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The Scientific World Journal
Volume 2012 (2012), Article ID 498278, 11 pages
http://dx.doi.org/10.1100/2012/498278
Review Article

The Golgi in Cell Migration: Regulation by Signal Transduction and Its Implications for Cancer Cell Metastasis

1Department of Biology, University of Konstanz, Universitätsstrasse 10, 78457 Konstanz, Germany
2Biotechnology Institute Thurgau, Unterseestrasse 47, 8280 Kreuzlingen, Switzerland

Received 20 November 2011; Accepted 18 December 2011

Academic Editors: W. Bai, M. Chiariello, N. C. de Souza-Pinto, A. Dricu, and R. Hamamoto

Copyright © 2012 Valentina Millarte and Hesso Farhan. This is an open access article distributed under the Creative Commons Attribution License, which permits unrestricted use, distribution, and reproduction in any medium, provided the original work is properly cited.

Abstract

Migration and invasion are fundamental features of metastatic cancer cells. The Golgi apparatus, an organelle involved in posttranslational modification and sorting of proteins, is widely accepted to regulate directional cell migration. In addition, mounting evidence suggests that the Golgi is a hub for different signaling pathways. In this paper we will give an overview on how polarized secretion and microtubule nucleation at the Golgi regulate directional cell migration. We will review different signaling pathways that signal to and from the Golgi. Finally, we will discuss how these signaling pathways regulate the role of the Golgi in cell migration and invasion. We propose that by identifying regulators of the Golgi, we might be able to uncover unappreciated modulators of cell migration. Uncovering the regulatory network that orchestrates cell migration is of fundamental importance for the development of new therapeutic strategies against cancer cell metastasis.

1. Introduction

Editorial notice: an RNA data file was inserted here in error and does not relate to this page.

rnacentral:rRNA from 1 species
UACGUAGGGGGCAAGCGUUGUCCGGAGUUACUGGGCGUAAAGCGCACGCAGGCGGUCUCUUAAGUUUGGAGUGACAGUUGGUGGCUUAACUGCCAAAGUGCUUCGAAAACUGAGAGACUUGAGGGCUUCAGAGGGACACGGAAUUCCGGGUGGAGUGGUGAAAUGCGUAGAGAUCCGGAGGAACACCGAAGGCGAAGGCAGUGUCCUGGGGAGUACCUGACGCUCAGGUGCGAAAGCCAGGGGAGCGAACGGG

The development of efficient therapies against cancer represents a continuous challenge for scientist across various disciplines. Among cancer-related death cases, 90% are due to metastasis formation. During metastatic dissemination, a tumor cell acquires a migratory phenotype that enables it to invade the surrounding tissue in order to leave the primary site of the tumor. After entering the blood or the lymph system, the tumor cell colonizes a distant tissue and nucleates a secondary tumor. Research in the past three decades has provided valuable insight into the various steps of tumor formation [1]. Nevertheless, the metastatic process remains poorly understood and our insight into the molecular events that initiate and/or sustain this process remains incomplete. This paper does not intend to give a general overview describing the metastatic process. For this, the reader is referred to excellent recent reviews [2]. In this paper we will focus on the role of the Golgi apparatus in cell migration and invasion and the implications thereof for cancer cell metastasis. We will first give a brief and general overview about the Golgi and about cell migration. Then, we will discuss in more detail the evidence that links the Golgi to cell migration. Finally, we will discuss how signaling pathways regulate the role of the Golgi in cell migration and how this knowledge can be used for designing novel therapeutic strategies against metastatic cancer cell spreading.